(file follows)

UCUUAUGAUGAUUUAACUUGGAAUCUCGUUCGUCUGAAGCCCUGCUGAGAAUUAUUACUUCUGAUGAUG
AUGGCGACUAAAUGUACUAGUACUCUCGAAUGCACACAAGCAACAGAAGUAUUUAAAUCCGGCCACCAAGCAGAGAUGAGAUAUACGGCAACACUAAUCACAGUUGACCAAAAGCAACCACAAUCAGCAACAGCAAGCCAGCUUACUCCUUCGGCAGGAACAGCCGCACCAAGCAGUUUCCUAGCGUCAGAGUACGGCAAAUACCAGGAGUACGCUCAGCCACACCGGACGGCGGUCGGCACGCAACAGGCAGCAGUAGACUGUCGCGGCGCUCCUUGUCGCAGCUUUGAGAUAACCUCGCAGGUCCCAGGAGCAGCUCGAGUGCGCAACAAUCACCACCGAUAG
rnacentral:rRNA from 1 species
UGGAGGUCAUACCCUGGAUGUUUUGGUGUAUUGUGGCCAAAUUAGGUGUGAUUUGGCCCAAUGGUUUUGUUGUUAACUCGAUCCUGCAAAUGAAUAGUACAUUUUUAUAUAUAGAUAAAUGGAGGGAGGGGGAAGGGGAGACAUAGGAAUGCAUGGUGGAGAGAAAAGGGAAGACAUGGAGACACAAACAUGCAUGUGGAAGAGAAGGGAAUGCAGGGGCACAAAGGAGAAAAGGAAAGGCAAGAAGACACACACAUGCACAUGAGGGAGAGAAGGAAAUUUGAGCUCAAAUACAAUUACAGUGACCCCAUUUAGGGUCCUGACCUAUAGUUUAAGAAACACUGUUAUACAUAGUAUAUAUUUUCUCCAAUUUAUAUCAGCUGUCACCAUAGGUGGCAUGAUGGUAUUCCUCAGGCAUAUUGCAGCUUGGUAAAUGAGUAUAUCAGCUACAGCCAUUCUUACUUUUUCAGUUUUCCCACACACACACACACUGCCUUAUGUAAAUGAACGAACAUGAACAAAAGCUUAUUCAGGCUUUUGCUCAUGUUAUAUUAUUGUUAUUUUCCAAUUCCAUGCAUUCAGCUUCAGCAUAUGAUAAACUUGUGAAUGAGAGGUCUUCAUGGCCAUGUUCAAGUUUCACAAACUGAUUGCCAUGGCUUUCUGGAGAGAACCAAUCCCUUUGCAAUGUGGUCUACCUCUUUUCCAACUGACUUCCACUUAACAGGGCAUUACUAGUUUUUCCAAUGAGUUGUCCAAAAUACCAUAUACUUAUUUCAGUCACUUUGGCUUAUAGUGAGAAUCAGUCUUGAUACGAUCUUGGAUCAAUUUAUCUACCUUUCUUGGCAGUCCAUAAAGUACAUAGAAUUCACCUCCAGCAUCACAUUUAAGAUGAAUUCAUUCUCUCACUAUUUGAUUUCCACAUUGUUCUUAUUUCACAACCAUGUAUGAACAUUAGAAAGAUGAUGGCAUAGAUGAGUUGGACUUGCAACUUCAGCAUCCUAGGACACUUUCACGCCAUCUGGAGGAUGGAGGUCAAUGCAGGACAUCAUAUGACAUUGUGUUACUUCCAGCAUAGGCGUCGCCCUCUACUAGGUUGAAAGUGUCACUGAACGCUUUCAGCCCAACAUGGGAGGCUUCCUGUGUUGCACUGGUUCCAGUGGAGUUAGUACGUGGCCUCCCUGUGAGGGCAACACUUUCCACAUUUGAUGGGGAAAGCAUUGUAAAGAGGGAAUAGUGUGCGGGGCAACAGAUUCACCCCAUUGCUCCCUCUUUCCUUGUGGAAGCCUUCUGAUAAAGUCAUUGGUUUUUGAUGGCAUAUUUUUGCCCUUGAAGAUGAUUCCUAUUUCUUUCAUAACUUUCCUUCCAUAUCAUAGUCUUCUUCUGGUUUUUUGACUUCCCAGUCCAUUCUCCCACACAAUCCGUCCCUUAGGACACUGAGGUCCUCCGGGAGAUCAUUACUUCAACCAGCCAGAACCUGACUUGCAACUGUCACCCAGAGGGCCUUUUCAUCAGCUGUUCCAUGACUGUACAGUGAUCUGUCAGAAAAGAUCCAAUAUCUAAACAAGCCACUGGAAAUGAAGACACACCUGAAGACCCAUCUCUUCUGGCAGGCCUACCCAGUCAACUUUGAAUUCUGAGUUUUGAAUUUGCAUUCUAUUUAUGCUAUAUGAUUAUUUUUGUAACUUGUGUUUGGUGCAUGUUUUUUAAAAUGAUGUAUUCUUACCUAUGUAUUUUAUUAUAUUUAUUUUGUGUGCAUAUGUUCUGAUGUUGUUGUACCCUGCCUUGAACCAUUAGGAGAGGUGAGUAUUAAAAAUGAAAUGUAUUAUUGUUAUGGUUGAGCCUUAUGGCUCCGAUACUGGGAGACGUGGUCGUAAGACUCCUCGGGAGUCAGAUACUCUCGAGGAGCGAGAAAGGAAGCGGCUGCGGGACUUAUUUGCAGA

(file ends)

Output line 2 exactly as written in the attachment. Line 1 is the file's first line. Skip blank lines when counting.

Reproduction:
AUGGCGACUAAAUGUACUAGUACUCUCGAAUGCACACAAGCAACAGAAGUAUUUAAAUCCGGCCACCAAGCAGAGAUGAGAUAUACGGCAACACUAAUCACAGUUGACCAAAAGCAACCACAAUCAGCAACAGCAAGCCAGCUUACUCCUUCGGCAGGAACAGCCGCACCAAGCAGUUUCCUAGCGUCAGAGUACGGCAAAUACCAGGAGUACGCUCAGCCACACCGGACGGCGGUCGGCACGCAACAGGCAGCAGUAGACUGUCGCGGCGCUCCUUGUCGCAGCUUUGAGAUAACCUCGCAGGUCCCAGGAGCAGCUCGAGUGCGCAACAAUCACCACCGAUAG